By Jeffrey H. Birnbaum
Washington Post Staff Writer
Friday, September 15, 2006
The House voted yesterday to shed more light on narrow-interest tax and spending legislation called earmarks, an incremental step toward openness that ended the prospect for a more sweeping overhaul of federal lobbying laws this year.
With a 245 to 171 vote, the House reacted to a year of congressional scandals by requiring its members to own up to the thousands of earmarks they sponsor each year.
Earmarks have been at the center of corruption investigations involving several lawmakers and lobbyists, and a public outcry against them helped spur a high-priority effort this year to devise ethics legislation that would have restricted contacts between lobbyists and members of Congress.
Instead, the House simply changed its internal rules to require that these targeted programs and their sponsors be disclosed in every type of bill, a procedure that does not currently exist. The measure, like any such rule change, could expire at the end of the year, but it is likely to be re-adopted along with the House's many other rules, Republican leaders said.
"We are blowing away the fog of anonymity," said Rep. David Dreier (R-Calif.), chairman of the House Rules Committee. "The goal is to pull back the curtain on earmarks to the public."
The rule change shelves a wider ethics bill, however, at least until next year. That bill became bogged down amid disagreements between the House and the Senate, and the reluctance of lawmakers from both parties to limit their interactions with lobbyists. The earmarks measure was brought up as a passable way to address voter unrest over the scandals, aides said.
"This bill represents the death of lobby reform," said Rep. David R. Obey (D-Wis.), a former chairman of the House Appropriations Committee.
The Senate is working on its own change in earmarks rules, which its leaders also hope to approve in lieu of broad ethics legislation this year, top staffers said. The staffers added that subjecting earmarks to more sunshine will allow lawmakers to tell their constituents that they addressed their ethics concerns even though the broad overhaul bill failed.
The larger ethics effort began with fanfare in January, prompted by a series of congressional scandals that started with the guilty plea of former lobbyist Jack Abramoff on fraud and conspiracy charges.
The ethics bill faltered, however, after being gradually diluted, at least compared with the initial promises made by congressional leaders. House Speaker J. Dennis Hastert (R-Ill.), for example, advanced a plan that would have prohibited lawmakers from accepting privately funded travel. But lawmakers rejected that provision along with many others that would have restricted lobbyists or would have done more than improve disclosure about lobbyists' encounters with Congress.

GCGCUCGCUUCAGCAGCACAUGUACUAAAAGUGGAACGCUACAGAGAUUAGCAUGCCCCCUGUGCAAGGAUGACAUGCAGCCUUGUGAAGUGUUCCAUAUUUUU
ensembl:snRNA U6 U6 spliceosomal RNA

The House and the Senate did endorse separate lobbying-overhaul bills this spring, but efforts to reconcile them stalled over a disagreement about a House-passed provision that would restrict independent campaign organizations called 527s. Senate Democrats and a handful of Republicans refused to accept the provision, but the House insisted that it be included in the final bill.
Lawmakers from both parties and both chambers also lost their enthusiasm for the bill as lobbying groups pressured them to water down the legislation and voters remained silent about its diminishing prospects.
Democratic leaders complained about the earmarks change yesterday. Rep. Louise M. Slaughter (D-N.Y.) called it "shameful" and "a sham." She said that the measure would not end the abuse of the earmarking process and was filled with loopholes that would still permit anonymous projects to be inserted into law without public scrutiny.
Obey called the measure a "trivial pursuit," saying it would do little to alter federal spending while blocking a serious updating of federal ethics laws. "The majority has labored long and produced a mouse," Obey added, "or a fig leaf at best."
Not all Republicans are fans of the proposal. The rule change was opposed by several Republican members of the House Appropriations Committee, who have said they resent that the change would affect them more than it would members of other committees. Rep. Jerry Lewis (R-Calif.), the Appropriations Committee chairman, and some of his most senior Republican members voted no.
This defiance of GOP leaders came despite a letter written by Hastert and House Majority Leader John A. Boehner (R-Ohio) urging the appropriators to relent and to vote in favor of the earmarks change. The earmark bill, Boehner said on the House floor, will bring the process "out of the shadows."